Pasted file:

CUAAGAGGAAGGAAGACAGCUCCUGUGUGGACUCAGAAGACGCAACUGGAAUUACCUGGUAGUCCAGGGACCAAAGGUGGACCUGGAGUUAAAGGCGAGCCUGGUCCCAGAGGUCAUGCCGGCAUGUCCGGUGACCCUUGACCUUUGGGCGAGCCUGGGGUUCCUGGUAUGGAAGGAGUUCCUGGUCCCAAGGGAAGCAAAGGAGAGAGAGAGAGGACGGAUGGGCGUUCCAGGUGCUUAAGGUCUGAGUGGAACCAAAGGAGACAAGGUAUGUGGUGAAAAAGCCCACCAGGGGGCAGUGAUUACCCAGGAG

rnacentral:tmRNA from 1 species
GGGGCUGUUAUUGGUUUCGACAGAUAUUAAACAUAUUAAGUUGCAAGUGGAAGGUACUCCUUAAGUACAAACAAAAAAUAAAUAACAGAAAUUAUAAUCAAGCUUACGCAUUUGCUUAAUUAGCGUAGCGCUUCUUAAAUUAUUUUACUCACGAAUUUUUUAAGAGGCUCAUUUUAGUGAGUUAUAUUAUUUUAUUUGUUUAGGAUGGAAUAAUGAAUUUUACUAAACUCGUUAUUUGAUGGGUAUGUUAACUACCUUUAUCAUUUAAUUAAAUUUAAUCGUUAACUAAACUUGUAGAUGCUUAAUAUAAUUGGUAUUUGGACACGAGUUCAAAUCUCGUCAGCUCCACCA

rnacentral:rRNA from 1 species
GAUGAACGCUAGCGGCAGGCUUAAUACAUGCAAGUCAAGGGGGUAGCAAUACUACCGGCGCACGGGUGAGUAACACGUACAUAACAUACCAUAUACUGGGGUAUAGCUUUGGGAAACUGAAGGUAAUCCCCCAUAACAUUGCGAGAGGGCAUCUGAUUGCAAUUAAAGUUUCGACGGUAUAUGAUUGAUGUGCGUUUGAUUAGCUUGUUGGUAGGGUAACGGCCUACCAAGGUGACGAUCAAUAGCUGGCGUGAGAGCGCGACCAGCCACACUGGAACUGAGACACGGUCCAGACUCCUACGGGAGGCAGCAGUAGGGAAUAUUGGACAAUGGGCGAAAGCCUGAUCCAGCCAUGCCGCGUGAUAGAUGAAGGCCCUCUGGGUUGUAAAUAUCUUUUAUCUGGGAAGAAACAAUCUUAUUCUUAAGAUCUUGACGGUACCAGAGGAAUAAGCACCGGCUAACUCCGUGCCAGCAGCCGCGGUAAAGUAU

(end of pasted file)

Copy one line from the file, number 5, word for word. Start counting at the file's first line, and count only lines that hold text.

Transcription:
GAUGAACGCUAGCGGCAGGCUUAAUACAUGCAAGUCAAGGGGGUAGCAAUACUACCGGCGCACGGGUGAGUAACACGUACAUAACAUACCAUAUACUGGGGUAUAGCUUUGGGAAACUGAAGGUAAUCCCCCAUAACAUUGCGAGAGGGCAUCUGAUUGCAAUUAAAGUUUCGACGGUAUAUGAUUGAUGUGCGUUUGAUUAGCUUGUUGGUAGGGUAACGGCCUACCAAGGUGACGAUCAAUAGCUGGCGUGAGAGCGCGACCAGCCACACUGGAACUGAGACACGGUCCAGACUCCUACGGGAGGCAGCAGUAGGGAAUAUUGGACAAUGGGCGAAAGCCUGAUCCAGCCAUGCCGCGUGAUAGAUGAAGGCCCUCUGGGUUGUAAAUAUCUUUUAUCUGGGAAGAAACAAUCUUAUUCUUAAGAUCUUGACGGUACCAGAGGAAUAAGCACCGGCUAACUCCGUGCCAGCAGCCGCGGUAAAGUAU